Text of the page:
How We Can Help with Premises Liability Law
What is an Unsafe Condition?
Unsafe conditions must be clear to an observer. Such examples might include:
Visible damage to a structure
An unrestrained animal
Dangerous chemicals or fumes
Situations created by a lack of proper security
The list of situations that create liability are broad, but courts have rejected claims for being related to conditions that, while ultimately unsafe, did not meet the bar for a liability on behalf of a premises owner. Determining a premises owner’s “duty of care” takes careful analysis and experience.
Additionally, an unsafe condition created by the actions of a premises employee can also create liability. Generally, the third party is an employee, as opposed to an independent contractor, and the action must have been performed in line with how the employer had instructed the employee. For example, if an employer requires that employees clean spills, but fails to train them in how to put out a sign warning of the freshly-washed area, someone slipping on that surface could attempt to hold the premises liable. As one legal expert for Baylor University Medical Center noted, business owners have a duty to ensure employees are properly supervised and ensure “problem” employees are not retained. He notes, however, that nothing can “absolutely” prevent a lawsuit against a property.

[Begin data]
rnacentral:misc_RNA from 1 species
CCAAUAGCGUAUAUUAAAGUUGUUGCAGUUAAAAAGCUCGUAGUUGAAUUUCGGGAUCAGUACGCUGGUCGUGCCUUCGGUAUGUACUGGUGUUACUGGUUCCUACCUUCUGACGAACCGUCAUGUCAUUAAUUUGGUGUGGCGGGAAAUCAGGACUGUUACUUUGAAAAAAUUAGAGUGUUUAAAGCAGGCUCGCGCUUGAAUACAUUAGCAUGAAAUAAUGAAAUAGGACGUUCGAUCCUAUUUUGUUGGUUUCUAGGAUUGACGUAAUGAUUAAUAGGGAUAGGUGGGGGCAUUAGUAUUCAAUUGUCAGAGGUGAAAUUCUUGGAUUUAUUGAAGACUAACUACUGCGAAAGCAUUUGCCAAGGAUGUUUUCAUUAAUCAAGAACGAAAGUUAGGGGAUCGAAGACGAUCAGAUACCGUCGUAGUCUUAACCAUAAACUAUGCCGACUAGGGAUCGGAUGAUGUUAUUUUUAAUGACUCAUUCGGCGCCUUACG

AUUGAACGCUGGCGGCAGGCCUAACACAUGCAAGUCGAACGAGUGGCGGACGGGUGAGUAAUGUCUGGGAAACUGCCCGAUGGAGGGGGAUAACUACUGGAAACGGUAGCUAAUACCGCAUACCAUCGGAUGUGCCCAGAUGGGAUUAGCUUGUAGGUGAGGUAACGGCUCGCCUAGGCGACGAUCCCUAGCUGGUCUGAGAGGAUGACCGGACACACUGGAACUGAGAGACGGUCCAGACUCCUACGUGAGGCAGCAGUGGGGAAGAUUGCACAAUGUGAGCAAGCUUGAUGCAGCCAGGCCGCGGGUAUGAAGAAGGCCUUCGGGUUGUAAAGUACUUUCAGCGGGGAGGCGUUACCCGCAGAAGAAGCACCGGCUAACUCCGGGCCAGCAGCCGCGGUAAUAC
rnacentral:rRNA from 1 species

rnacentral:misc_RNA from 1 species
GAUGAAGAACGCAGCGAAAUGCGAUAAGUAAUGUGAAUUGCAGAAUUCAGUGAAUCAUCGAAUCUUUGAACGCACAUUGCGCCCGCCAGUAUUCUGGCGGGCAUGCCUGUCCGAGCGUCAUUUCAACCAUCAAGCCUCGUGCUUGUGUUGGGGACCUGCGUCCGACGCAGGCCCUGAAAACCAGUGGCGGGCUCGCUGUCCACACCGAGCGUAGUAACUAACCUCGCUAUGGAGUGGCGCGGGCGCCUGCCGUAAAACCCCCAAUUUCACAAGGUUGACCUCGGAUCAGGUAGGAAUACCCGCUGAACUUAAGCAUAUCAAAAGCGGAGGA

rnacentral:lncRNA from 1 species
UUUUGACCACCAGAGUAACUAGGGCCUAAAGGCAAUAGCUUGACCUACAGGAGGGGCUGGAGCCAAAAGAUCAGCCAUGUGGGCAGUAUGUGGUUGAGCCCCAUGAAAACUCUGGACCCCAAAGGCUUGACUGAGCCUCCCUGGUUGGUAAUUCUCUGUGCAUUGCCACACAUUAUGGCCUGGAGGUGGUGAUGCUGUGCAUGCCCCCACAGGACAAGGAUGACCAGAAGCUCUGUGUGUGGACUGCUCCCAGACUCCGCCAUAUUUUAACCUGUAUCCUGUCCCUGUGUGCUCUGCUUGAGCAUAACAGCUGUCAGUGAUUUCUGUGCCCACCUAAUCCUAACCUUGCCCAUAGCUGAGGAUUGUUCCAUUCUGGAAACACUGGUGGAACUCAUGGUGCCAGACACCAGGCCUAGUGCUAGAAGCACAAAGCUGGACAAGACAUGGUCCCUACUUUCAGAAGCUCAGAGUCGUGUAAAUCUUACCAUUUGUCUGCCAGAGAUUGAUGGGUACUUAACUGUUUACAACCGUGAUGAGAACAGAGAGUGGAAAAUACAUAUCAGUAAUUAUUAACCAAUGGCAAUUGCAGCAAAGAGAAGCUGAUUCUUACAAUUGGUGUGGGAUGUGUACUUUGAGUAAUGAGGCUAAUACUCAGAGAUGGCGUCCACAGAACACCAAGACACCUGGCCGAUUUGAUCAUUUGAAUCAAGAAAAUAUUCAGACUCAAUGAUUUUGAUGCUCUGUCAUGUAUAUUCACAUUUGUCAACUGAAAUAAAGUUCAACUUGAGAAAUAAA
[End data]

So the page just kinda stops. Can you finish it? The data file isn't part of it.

What Constitutes Negligence by a Property Owner?
In short, negligence stems from the failure of a premises owner to warn invitees of, or correct, the unsafe condition. An example is a “Beware of Dog” sign in front of a fence keeping the dog away from trespassers. The property owner would be liable if he or she didn’t have a sign in place when a trespasser was bitten by the dog.
Additionally, a property owner who addresses an unsafe condition can still be found liable if the effort was insufficient. An improperly-repaired stair rail that breaks, for example, arguably creates a more dangerous situation than the original broken rail because the user would believe it’s safe. In this example, however, the injured party must be able to show that the rail was improperly fixed, and the property owner knew the rail was incapable of holding a typical user’s weight.
There are exceptions to this level of liability. In the state of Georgia, for example, the law protects premises owners from liability when the invitee was on the property for “recreational” purposes. This applies even when the injury was a result of a failure on the part of the premise owners.